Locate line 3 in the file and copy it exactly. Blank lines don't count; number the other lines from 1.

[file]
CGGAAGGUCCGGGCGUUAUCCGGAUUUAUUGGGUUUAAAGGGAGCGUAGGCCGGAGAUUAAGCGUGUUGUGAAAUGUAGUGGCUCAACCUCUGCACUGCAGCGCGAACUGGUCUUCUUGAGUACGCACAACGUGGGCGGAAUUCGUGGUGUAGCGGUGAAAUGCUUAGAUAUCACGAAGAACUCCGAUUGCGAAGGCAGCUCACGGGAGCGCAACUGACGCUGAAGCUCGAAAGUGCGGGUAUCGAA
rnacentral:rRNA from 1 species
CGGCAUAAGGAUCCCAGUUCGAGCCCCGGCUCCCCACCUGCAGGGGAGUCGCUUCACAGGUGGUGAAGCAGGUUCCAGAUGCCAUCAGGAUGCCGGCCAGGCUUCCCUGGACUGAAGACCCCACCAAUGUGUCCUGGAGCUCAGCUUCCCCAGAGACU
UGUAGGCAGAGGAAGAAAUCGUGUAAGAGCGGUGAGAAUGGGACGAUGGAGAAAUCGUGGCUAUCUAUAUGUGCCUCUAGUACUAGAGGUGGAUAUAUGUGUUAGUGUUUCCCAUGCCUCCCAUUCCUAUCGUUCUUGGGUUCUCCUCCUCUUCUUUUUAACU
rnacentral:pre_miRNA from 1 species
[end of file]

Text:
CGGCAUAAGGAUCCCAGUUCGAGCCCCGGCUCCCCACCUGCAGGGGAGUCGCUUCACAGGUGGUGAAGCAGGUUCCAGAUGCCAUCAGGAUGCCGGCCAGGCUUCCCUGGACUGAAGACCCCACCAAUGUGUCCUGGAGCUCAGCUUCCCCAGAGACU